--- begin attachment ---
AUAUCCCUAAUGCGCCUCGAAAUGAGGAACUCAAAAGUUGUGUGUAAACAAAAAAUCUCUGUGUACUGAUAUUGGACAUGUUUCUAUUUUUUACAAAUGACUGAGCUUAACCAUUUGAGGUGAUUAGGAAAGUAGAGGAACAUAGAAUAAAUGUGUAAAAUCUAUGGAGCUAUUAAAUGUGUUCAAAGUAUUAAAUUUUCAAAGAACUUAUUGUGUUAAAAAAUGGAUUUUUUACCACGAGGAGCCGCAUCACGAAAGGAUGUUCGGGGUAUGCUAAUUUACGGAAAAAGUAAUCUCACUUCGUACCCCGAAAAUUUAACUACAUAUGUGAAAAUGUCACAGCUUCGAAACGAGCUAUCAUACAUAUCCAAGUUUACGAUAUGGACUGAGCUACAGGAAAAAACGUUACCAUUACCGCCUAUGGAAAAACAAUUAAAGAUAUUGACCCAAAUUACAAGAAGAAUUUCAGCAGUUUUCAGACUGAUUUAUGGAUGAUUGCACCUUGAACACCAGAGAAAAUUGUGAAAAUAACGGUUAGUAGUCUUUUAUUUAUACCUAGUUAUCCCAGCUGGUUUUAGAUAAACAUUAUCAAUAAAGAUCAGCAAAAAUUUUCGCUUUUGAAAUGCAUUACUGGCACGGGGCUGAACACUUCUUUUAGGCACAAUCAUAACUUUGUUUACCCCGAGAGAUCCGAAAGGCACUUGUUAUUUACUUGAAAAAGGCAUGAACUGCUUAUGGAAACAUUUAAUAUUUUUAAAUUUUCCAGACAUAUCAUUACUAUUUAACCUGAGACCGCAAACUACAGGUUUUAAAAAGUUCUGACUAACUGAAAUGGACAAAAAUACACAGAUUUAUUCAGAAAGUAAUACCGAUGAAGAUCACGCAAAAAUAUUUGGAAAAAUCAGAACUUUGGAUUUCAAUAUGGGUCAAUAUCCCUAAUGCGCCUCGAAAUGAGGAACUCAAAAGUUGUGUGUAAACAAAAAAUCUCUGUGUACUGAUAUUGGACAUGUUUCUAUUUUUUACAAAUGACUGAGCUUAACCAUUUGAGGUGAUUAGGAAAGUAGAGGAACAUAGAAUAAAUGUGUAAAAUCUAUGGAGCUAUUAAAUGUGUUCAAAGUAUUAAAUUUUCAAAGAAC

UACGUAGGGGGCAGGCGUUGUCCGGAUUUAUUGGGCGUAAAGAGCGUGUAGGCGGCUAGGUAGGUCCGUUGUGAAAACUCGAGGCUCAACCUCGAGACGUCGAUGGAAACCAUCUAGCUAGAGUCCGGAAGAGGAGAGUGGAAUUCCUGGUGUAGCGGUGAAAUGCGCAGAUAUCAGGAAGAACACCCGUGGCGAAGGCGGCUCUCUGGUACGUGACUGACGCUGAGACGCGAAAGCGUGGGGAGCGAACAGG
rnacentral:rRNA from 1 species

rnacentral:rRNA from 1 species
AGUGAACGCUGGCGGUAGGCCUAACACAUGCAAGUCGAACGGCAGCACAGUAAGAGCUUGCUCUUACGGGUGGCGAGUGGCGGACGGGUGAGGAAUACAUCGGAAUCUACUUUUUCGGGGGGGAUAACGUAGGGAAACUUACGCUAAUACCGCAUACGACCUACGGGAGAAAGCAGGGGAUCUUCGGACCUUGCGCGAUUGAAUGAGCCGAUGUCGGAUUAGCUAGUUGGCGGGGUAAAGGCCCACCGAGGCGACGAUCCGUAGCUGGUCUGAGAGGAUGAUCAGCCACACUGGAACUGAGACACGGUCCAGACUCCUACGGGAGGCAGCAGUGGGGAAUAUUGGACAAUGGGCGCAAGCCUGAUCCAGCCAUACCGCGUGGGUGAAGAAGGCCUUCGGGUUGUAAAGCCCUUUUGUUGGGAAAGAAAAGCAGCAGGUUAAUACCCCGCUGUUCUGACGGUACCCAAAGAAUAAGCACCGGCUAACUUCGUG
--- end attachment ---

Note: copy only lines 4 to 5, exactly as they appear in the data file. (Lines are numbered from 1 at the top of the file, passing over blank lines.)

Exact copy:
rnacentral:rRNA from 1 species
AGUGAACGCUGGCGGUAGGCCUAACACAUGCAAGUCGAACGGCAGCACAGUAAGAGCUUGCUCUUACGGGUGGCGAGUGGCGGACGGGUGAGGAAUACAUCGGAAUCUACUUUUUCGGGGGGGAUAACGUAGGGAAACUUACGCUAAUACCGCAUACGACCUACGGGAGAAAGCAGGGGAUCUUCGGACCUUGCGCGAUUGAAUGAGCCGAUGUCGGAUUAGCUAGUUGGCGGGGUAAAGGCCCACCGAGGCGACGAUCCGUAGCUGGUCUGAGAGGAUGAUCAGCCACACUGGAACUGAGACACGGUCCAGACUCCUACGGGAGGCAGCAGUGGGGAAUAUUGGACAAUGGGCGCAAGCCUGAUCCAGCCAUACCGCGUGGGUGAAGAAGGCCUUCGGGUUGUAAAGCCCUUUUGUUGGGAAAGAAAAGCAGCAGGUUAAUACCCCGCUGUUCUGACGGUACCCAAAGAAUAAGCACCGGCUAACUUCGUG